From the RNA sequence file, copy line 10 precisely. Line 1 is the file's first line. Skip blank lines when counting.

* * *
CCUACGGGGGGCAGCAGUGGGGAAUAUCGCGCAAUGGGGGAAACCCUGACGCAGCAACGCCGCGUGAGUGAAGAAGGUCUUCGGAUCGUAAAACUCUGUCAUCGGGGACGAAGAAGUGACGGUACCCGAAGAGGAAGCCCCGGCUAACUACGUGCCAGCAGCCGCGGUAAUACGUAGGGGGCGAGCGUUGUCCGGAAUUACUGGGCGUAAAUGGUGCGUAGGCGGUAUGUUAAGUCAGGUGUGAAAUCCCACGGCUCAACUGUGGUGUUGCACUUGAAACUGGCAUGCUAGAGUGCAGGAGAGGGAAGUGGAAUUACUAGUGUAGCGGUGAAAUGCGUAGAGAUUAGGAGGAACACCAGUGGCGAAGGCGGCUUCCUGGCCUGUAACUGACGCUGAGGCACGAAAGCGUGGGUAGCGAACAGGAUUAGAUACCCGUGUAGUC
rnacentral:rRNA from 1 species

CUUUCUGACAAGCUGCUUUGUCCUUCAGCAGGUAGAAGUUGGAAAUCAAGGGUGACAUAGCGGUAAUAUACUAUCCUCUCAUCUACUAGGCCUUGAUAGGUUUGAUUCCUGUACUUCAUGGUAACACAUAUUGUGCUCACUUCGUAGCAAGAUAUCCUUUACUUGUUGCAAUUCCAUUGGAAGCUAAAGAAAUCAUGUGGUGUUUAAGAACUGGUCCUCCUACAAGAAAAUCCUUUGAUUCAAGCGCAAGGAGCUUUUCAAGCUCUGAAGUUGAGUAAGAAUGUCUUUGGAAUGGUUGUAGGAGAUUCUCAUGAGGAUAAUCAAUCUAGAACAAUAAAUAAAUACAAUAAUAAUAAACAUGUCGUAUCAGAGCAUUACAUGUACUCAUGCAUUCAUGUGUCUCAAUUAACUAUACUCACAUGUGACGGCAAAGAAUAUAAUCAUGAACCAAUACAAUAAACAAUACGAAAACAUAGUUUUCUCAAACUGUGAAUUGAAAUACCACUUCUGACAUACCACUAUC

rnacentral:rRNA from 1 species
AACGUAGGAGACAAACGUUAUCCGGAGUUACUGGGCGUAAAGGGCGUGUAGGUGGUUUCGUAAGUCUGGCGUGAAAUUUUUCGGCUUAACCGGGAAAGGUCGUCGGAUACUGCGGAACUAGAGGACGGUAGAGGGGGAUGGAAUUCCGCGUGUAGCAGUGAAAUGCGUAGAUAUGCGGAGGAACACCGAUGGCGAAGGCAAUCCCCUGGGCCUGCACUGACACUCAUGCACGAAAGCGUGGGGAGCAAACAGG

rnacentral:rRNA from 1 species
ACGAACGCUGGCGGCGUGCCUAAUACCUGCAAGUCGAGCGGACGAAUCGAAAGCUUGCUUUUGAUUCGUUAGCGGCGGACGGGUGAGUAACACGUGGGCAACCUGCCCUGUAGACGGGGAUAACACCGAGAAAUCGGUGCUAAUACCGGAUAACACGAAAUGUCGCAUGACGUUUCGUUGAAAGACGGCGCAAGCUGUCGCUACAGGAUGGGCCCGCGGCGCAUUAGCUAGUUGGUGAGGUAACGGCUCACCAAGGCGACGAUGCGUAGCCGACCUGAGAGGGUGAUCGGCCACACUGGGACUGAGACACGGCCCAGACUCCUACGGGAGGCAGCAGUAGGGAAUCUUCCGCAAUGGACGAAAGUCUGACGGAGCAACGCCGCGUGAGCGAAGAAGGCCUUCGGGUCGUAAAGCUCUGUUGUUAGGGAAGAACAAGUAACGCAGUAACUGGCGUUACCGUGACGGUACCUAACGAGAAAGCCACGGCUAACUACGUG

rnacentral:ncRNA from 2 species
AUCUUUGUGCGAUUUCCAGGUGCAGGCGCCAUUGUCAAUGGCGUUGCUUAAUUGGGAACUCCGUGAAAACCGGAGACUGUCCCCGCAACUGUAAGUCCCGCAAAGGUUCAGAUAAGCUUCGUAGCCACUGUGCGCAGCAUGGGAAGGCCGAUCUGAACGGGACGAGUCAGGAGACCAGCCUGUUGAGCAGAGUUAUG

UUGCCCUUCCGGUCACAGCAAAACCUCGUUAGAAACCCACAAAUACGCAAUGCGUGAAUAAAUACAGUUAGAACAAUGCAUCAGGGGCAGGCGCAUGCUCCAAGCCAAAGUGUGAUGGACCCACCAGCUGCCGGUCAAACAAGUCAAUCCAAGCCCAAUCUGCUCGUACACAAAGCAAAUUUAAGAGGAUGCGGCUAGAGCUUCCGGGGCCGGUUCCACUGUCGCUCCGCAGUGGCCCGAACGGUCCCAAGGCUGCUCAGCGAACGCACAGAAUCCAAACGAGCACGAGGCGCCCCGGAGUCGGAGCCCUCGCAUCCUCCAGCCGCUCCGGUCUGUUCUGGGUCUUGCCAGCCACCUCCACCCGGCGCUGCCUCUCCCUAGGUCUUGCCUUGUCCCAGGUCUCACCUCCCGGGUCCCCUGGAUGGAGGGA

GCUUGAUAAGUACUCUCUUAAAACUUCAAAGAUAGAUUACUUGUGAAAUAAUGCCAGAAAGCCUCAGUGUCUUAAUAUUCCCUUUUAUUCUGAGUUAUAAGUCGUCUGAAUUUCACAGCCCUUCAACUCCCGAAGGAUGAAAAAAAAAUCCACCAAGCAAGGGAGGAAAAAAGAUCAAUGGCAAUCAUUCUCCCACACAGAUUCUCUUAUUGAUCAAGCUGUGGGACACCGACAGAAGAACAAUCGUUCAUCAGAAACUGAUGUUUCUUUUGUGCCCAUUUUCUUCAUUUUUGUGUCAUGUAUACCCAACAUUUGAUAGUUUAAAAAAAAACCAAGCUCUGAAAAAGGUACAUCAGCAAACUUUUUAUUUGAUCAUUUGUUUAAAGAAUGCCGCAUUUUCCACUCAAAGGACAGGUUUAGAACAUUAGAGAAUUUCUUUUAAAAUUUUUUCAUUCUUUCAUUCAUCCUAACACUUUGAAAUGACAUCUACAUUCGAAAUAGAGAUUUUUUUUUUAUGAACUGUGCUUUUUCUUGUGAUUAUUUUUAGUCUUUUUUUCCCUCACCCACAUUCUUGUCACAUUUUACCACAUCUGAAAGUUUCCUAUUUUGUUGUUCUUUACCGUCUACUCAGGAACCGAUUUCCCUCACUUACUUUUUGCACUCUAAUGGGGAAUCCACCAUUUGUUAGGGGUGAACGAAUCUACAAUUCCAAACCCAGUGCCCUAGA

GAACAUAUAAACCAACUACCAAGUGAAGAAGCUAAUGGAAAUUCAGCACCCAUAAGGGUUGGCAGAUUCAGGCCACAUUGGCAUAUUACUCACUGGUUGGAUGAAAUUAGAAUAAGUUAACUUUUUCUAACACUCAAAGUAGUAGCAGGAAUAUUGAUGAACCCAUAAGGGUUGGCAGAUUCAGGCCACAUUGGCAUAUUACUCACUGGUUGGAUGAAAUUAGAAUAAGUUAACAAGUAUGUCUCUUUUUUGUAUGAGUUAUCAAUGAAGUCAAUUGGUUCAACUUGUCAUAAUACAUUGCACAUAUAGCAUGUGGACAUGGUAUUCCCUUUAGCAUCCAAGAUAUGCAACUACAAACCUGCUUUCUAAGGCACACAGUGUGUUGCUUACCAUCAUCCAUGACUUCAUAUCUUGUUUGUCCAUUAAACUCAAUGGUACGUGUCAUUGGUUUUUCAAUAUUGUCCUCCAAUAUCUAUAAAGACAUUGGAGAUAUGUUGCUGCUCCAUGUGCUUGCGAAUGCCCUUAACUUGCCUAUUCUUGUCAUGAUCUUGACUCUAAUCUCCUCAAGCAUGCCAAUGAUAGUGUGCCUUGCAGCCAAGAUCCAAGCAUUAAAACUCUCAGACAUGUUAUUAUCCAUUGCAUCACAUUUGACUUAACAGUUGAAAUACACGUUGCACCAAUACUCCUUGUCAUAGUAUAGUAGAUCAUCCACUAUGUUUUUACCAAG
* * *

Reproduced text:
UUGCCCUUCCGGUCACAGCAAAACCUCGUUAGAAACCCACAAAUACGCAAUGCGUGAAUAAAUACAGUUAGAACAAUGCAUCAGGGGCAGGCGCAUGCUCCAAGCCAAAGUGUGAUGGACCCACCAGCUGCCGGUCAAACAAGUCAAUCCAAGCCCAAUCUGCUCGUACACAAAGCAAAUUUAAGAGGAUGCGGCUAGAGCUUCCGGGGCCGGUUCCACUGUCGCUCCGCAGUGGCCCGAACGGUCCCAAGGCUGCUCAGCGAACGCACAGAAUCCAAACGAGCACGAGGCGCCCCGGAGUCGGAGCCCUCGCAUCCUCCAGCCGCUCCGGUCUGUUCUGGGUCUUGCCAGCCACCUCCACCCGGCGCUGCCUCUCCCUAGGUCUUGCCUUGUCCCAGGUCUCACCUCCCGGGUCCCCUGGAUGGAGGGA